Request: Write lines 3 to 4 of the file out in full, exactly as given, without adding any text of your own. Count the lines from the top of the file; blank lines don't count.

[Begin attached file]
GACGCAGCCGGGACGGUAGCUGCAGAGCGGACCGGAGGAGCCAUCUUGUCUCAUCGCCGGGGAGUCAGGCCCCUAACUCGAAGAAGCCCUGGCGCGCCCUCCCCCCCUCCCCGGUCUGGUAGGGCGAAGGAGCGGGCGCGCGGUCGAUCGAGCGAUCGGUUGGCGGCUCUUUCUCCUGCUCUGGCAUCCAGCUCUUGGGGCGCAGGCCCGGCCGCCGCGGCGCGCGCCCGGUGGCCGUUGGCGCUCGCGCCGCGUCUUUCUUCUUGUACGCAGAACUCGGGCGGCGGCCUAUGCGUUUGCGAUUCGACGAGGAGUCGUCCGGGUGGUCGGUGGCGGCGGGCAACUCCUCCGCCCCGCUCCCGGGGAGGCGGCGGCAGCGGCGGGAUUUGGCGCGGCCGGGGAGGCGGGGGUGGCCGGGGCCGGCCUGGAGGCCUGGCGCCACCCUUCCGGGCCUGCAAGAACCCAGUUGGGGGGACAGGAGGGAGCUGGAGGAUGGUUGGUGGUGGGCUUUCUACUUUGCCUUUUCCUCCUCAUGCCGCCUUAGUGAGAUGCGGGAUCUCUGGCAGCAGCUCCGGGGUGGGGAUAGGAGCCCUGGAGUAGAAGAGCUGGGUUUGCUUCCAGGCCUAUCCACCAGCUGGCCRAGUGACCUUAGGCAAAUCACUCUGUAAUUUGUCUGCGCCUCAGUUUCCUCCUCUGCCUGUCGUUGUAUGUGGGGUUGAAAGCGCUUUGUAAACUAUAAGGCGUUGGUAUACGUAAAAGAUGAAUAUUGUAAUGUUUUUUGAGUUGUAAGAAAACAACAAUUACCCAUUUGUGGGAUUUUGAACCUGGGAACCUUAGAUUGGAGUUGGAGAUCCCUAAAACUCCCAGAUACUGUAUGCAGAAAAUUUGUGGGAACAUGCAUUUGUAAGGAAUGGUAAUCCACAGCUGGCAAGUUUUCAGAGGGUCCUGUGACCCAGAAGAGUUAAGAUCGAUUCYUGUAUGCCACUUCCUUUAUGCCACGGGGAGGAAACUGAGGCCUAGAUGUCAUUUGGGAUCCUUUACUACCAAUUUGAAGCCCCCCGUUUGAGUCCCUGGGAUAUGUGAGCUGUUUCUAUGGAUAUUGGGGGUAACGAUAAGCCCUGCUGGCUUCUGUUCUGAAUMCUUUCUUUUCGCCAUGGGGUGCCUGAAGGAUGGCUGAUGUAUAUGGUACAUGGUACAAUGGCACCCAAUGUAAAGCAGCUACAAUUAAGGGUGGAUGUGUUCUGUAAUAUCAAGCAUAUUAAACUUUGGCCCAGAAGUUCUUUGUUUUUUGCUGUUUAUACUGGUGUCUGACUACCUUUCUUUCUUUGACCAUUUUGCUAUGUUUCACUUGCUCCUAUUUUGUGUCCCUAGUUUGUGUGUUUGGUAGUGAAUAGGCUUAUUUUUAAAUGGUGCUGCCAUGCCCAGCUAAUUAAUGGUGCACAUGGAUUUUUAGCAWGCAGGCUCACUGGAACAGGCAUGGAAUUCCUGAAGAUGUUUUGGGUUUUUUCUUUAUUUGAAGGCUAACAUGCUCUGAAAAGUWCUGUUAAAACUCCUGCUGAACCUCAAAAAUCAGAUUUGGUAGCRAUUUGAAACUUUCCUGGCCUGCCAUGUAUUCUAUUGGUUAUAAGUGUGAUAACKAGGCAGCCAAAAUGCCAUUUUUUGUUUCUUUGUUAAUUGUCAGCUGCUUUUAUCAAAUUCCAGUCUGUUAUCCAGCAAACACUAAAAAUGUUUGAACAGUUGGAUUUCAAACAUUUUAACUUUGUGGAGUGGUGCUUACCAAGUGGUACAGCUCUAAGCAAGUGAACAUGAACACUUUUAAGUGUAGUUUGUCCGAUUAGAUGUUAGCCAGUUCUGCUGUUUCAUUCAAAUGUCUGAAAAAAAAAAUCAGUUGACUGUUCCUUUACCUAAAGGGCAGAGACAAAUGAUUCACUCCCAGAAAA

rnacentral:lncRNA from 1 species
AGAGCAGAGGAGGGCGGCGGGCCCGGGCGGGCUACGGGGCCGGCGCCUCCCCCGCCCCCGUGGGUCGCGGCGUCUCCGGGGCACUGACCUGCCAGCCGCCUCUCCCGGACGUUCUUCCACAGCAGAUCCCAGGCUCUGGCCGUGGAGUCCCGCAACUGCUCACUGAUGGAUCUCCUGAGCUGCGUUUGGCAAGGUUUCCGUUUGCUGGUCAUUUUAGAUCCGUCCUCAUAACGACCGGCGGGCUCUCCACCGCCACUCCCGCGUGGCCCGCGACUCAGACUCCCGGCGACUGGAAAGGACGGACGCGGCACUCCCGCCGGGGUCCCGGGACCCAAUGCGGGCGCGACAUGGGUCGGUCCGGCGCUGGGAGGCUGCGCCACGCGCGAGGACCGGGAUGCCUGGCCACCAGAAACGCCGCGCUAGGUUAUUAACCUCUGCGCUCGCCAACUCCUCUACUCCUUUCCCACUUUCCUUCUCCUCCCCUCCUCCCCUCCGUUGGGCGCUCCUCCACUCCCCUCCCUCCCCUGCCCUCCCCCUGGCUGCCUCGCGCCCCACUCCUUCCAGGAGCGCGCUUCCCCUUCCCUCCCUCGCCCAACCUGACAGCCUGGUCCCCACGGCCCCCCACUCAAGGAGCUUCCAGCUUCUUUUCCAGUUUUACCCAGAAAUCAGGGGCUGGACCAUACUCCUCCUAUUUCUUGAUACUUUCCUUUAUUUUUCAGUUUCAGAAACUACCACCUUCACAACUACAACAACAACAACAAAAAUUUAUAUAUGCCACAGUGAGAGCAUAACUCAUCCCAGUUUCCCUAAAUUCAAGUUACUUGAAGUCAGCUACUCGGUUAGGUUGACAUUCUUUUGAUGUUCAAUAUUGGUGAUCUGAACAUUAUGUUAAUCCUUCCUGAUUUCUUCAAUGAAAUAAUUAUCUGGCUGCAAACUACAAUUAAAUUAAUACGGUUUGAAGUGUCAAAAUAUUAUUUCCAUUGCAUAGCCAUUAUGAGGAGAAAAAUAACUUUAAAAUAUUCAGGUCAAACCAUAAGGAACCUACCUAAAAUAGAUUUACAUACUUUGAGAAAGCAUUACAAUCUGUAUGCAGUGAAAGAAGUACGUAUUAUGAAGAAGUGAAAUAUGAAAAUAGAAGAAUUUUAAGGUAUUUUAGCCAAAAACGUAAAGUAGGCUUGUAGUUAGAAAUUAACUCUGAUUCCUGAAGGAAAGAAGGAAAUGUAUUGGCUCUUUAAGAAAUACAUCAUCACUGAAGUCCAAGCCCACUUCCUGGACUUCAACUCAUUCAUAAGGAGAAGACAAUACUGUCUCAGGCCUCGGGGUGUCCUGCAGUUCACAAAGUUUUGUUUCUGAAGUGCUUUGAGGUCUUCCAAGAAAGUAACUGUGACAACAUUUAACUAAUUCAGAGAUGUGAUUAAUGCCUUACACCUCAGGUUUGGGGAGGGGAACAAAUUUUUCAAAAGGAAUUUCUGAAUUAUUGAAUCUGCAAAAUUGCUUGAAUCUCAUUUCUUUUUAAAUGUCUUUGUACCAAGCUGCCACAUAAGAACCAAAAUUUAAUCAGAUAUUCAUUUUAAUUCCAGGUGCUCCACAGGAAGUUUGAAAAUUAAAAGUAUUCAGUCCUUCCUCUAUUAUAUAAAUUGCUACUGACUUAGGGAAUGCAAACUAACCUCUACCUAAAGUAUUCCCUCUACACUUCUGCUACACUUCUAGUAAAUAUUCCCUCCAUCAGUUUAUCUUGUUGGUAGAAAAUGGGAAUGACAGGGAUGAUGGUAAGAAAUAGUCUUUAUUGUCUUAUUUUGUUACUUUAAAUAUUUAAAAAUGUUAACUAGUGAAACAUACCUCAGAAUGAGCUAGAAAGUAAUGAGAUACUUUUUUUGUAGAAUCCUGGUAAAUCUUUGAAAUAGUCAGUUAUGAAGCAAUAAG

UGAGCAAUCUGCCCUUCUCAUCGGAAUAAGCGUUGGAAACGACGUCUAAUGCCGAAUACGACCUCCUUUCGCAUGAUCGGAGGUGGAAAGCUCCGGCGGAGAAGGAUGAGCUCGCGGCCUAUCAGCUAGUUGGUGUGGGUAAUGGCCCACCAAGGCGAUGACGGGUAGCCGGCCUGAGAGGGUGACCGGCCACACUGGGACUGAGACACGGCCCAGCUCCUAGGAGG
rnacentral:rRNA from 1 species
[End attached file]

AGAGCAGAGGAGGGCGGCGGGCCCGGGCGGGCUACGGGGCCGGCGCCUCCCCCGCCCCCGUGGGUCGCGGCGUCUCCGGGGCACUGACCUGCCAGCCGCCUCUCCCGGACGUUCUUCCACAGCAGAUCCCAGGCUCUGGCCGUGGAGUCCCGCAACUGCUCACUGAUGGAUCUCCUGAGCUGCGUUUGGCAAGGUUUCCGUUUGCUGGUCAUUUUAGAUCCGUCCUCAUAACGACCGGCGGGCUCUCCACCGCCACUCCCGCGUGGCCCGCGACUCAGACUCCCGGCGACUGGAAAGGACGGACGCGGCACUCCCGCCGGGGUCCCGGGACCCAAUGCGGGCGCGACAUGGGUCGGUCCGGCGCUGGGAGGCUGCGCCACGCGCGAGGACCGGGAUGCCUGGCCACCAGAAACGCCGCGCUAGGUUAUUAACCUCUGCGCUCGCCAACUCCUCUACUCCUUUCCCACUUUCCUUCUCCUCCCCUCCUCCCCUCCGUUGGGCGCUCCUCCACUCCCCUCCCUCCCCUGCCCUCCCCCUGGCUGCCUCGCGCCCCACUCCUUCCAGGAGCGCGCUUCCCCUUCCCUCCCUCGCCCAACCUGACAGCCUGGUCCCCACGGCCCCCCACUCAAGGAGCUUCCAGCUUCUUUUCCAGUUUUACCCAGAAAUCAGGGGCUGGACCAUACUCCUCCUAUUUCUUGAUACUUUCCUUUAUUUUUCAGUUUCAGAAACUACCACCUUCACAACUACAACAACAACAACAAAAAUUUAUAUAUGCCACAGUGAGAGCAUAACUCAUCCCAGUUUCCCUAAAUUCAAGUUACUUGAAGUCAGCUACUCGGUUAGGUUGACAUUCUUUUGAUGUUCAAUAUUGGUGAUCUGAACAUUAUGUUAAUCCUUCCUGAUUUCUUCAAUGAAAUAAUUAUCUGGCUGCAAACUACAAUUAAAUUAAUACGGUUUGAAGUGUCAAAAUAUUAUUUCCAUUGCAUAGCCAUUAUGAGGAGAAAAAUAACUUUAAAAUAUUCAGGUCAAACCAUAAGGAACCUACCUAAAAUAGAUUUACAUACUUUGAGAAAGCAUUACAAUCUGUAUGCAGUGAAAGAAGUACGUAUUAUGAAGAAGUGAAAUAUGAAAAUAGAAGAAUUUUAAGGUAUUUUAGCCAAAAACGUAAAGUAGGCUUGUAGUUAGAAAUUAACUCUGAUUCCUGAAGGAAAGAAGGAAAUGUAUUGGCUCUUUAAGAAAUACAUCAUCACUGAAGUCCAAGCCCACUUCCUGGACUUCAACUCAUUCAUAAGGAGAAGACAAUACUGUCUCAGGCCUCGGGGUGUCCUGCAGUUCACAAAGUUUUGUUUCUGAAGUGCUUUGAGGUCUUCCAAGAAAGUAACUGUGACAACAUUUAACUAAUUCAGAGAUGUGAUUAAUGCCUUACACCUCAGGUUUGGGGAGGGGAACAAAUUUUUCAAAAGGAAUUUCUGAAUUAUUGAAUCUGCAAAAUUGCUUGAAUCUCAUUUCUUUUUAAAUGUCUUUGUACCAAGCUGCCACAUAAGAACCAAAAUUUAAUCAGAUAUUCAUUUUAAUUCCAGGUGCUCCACAGGAAGUUUGAAAAUUAAAAGUAUUCAGUCCUUCCUCUAUUAUAUAAAUUGCUACUGACUUAGGGAAUGCAAACUAACCUCUACCUAAAGUAUUCCCUCUACACUUCUGCUACACUUCUAGUAAAUAUUCCCUCCAUCAGUUUAUCUUGUUGGUAGAAAAUGGGAAUGACAGGGAUGAUGGUAAGAAAUAGUCUUUAUUGUCUUAUUUUGUUACUUUAAAUAUUUAAAAAUGUUAACUAGUGAAACAUACCUCAGAAUGAGCUAGAAAGUAAUGAGAUACUUUUUUUGUAGAAUCCUGGUAAAUCUUUGAAAUAGUCAGUUAUGAAGCAAUAAG

UGAGCAAUCUGCCCUUCUCAUCGGAAUAAGCGUUGGAAACGACGUCUAAUGCCGAAUACGACCUCCUUUCGCAUGAUCGGAGGUGGAAAGCUCCGGCGGAGAAGGAUGAGCUCGCGGCCUAUCAGCUAGUUGGUGUGGGUAAUGGCCCACCAAGGCGAUGACGGGUAGCCGGCCUGAGAGGGUGACCGGCCACACUGGGACUGAGACACGGCCCAGCUCCUAGGAGG